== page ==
Daily Archives: 4 March 2004

Virtual Vietnam Archive

Students, scholars, and researchers can now access nearly 1 million pages of Vietnam War related research materials through the Virtual Vietnam Archive. This free online resource is a part of the Vietnam Archive at Texas Tech University and currently includes the full text of more 80,000 documents, 60,000 photos and slides, hundreds of interviews with veterans and other participants (to include streaming audio and transcripts), other streaming audio and video recordings, and much more. The documents include official government and military records to include presidential office materials, unit and operation after action reports, unit rosters, staff journals and morning reports, personal letters, diaries, and many other materials. We add nearly 20,000 pages of new material online each month and expect this will increase significantly in the near future when we acquire some new digital scanning equipment. The Virtual Vietnam Archive is the most potent, dynamic, and easily accessible research tool available regarding the Vietnam War. To access these free online resources, just visit our website and select Virtual Vietnam Archive.

The Virtual Vietnam Archive is funded through the Institute of Museum and Library Services.

SOURCE: Stephen Maxner, Archivist, Associate Director, The Vietnam Archive, Texas Tech University, Special Collections Library Room 108, Lubbock, TX 79409-1041; Phone: 806-742-9010; Fax: 806-742-0496; Email: steve.maxner@ttu.edu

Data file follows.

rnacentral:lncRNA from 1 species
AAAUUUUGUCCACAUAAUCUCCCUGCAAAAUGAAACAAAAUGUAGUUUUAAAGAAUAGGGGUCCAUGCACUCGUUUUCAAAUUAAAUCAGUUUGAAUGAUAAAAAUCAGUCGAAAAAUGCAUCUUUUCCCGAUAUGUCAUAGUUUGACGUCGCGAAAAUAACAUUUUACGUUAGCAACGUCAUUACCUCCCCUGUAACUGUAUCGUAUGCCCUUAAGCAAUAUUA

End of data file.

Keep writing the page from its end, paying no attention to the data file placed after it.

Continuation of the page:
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Saint Patrick’s Battalion in the U.S.-Mexican War

Geitner Simmons of Regions of Mind has a fascinating post on Saint Patrick’s Battalion in the U.S.-Mexican War of 1846-1848. Many of the “San Patricios” were U.S. Army deserters who fought–fiercely and desperately–against their former comrades. Geitner quotes from an extended review of the book Shamrock and Sword: The Saint Patrick’s Battalion in the U.S.-Mexican War, by Robert Ryal Miller, which contains a fuller account.

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Chinese now no. 3 language in Canada

China’s People’s Daily recently reported that Chinese is now the no. 3 language in Canada:

In Canada if you don’t speak English or French it is most likely that you speak Chinese. This is indicated by the latest census conducted by the Canadian government. According to the statistics Chinese has become a No. 3 language used in Canada and the number of people who speak Chinese keeps on increasing.

According to Nouvelles d’Europe from 1996 to 2001, the population whose mother tongue is Chinese grew 18 percent and reached 870,000 – about 2.9 percent out of 31.4 million of the population in Canada, a rise 0.3 percent over the original Chinese proportion of 2.6 percent. Most of the Chinese-speaking population live in BC and Ontario, Vancouver and Toronto being the two most populous cities.

Is this really news to anyone? I wonder what the no. 3 language in Japan is: Chinese or Korean?